The Alex Johnson Hotel is the tallest building in downtown Rapid City. Its construction coincided with the initial work on Mount Rushmore, which became a major tourist attraction for the region. The hotel opened in summer 1928, marking the end of a downtown building boom. It was built by Chicago and Northwestern Railroad vice president Alex Carlton Johnson, who hired Chicago architect Edward G. Oldefest to design the Tudor Revival hotel. The pressed brick walls are trimmed with terra-cotta and the upper floors are stucco with half-timbering, which is only featured on the Sixth and St. Joseph elevations, likely in anticipation of adjacent development that never occurred due to the Great Depression.
The interior was designed with reference to local geology and culture. The grand lobby features a large fireplace made mostly of Precambrian quartzite stones found along nearby Rapid Creek; the mantel is decorated with brands of area ranches, and bison heads adorn the walls. Chicago artist Carlos de Lopez incorporated American Indian motifs into the wood-beamed ceiling and brick floor. The chandelier, made of Sioux war spears, measures nearly eight feet across.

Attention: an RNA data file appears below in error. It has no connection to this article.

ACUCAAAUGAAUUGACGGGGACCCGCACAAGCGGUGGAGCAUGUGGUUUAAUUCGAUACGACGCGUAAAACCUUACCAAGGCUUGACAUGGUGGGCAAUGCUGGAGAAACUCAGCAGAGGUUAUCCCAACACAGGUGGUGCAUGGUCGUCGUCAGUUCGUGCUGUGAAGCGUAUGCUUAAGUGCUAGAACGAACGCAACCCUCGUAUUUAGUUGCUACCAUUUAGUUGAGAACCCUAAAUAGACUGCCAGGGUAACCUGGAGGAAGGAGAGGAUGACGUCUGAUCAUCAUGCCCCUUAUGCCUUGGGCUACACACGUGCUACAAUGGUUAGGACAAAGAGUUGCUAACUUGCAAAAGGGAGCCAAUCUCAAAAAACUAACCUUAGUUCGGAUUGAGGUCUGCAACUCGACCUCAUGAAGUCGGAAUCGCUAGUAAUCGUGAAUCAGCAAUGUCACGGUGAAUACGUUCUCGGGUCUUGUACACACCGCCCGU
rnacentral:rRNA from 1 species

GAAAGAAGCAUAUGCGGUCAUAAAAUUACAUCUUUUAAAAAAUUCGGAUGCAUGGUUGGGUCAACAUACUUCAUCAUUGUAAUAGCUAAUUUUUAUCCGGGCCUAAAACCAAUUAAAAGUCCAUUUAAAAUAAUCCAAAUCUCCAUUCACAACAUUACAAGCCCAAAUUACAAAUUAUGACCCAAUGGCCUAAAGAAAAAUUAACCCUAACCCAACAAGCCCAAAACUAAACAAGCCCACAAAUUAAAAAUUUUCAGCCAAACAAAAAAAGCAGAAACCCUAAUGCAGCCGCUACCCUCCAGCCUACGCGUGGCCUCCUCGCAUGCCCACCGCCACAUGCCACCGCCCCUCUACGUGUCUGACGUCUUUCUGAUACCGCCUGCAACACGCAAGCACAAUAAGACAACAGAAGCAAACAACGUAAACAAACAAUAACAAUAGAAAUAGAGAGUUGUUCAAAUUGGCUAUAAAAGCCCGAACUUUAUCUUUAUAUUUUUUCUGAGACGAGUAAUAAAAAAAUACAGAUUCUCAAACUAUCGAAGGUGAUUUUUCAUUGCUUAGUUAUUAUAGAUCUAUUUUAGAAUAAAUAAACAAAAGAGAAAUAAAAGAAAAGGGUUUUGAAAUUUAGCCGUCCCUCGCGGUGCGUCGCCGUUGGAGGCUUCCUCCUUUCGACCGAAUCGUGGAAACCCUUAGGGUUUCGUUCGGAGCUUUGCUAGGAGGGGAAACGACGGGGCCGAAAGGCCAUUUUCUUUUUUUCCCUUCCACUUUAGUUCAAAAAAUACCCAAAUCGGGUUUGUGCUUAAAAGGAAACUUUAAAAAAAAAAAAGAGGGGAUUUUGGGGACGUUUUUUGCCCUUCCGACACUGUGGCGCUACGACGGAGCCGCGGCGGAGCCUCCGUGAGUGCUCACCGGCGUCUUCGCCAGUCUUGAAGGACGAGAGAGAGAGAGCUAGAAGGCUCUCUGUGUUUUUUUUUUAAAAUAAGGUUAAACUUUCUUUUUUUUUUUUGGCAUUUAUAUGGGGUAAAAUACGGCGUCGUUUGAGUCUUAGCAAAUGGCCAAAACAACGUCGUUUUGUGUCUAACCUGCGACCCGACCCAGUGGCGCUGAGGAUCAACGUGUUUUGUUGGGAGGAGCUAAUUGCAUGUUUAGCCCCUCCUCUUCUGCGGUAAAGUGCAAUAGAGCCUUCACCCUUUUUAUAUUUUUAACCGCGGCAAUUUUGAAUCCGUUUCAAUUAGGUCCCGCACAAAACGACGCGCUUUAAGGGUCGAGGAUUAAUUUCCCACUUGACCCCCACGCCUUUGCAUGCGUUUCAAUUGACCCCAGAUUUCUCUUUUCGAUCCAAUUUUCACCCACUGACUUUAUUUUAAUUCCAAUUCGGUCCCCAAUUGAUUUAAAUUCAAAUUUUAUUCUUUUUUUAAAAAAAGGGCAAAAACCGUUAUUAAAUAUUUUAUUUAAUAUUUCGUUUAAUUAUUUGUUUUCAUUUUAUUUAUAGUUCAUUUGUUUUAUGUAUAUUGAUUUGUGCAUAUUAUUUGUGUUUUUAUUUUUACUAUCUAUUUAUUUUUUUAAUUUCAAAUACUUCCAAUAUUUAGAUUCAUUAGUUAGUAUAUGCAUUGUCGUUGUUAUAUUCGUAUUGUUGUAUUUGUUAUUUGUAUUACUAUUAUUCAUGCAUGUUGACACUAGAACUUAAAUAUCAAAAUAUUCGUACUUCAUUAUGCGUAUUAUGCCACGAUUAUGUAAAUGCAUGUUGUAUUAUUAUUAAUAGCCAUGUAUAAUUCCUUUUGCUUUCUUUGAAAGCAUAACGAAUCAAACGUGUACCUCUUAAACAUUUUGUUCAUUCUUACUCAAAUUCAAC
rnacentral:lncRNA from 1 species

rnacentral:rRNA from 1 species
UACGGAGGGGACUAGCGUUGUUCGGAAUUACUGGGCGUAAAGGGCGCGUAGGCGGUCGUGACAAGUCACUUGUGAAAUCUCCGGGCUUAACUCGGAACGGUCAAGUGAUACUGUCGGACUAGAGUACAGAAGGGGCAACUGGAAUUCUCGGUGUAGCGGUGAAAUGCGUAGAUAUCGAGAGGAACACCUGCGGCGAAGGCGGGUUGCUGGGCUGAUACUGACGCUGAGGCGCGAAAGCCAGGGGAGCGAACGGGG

The hotel has hosted six U.S. presidents and was featured in Alfred Hitchcock’s film North by Northwest (1959). There have long been rumors of hauntings throughout the hotel, including the ghost of Alex Johnson himself, who died in 1938. With the addition of private baths during a 1940s renovation, the original 206 rooms were reduced to 143. In 2017, the hotel completed the first major renovation since the 1970s. During this project, all guest rooms were fully stripped and rebuilt. The luxury hotel now offers a rooftop patio and restaurant, located in the former penthouse, as well as an Irish pub and a coffee shop. It also offers banquet rooms for meetings and special events. The hotel has been a member of National Trust for Historic Preservation’s Historic Hotels of America since 2011, and is now also part of the Curio Collection by Hilton.
Erpestad, David, and David Wood. Building South Dakota. Pierre: South Dakota State Historical Society Press, 1997.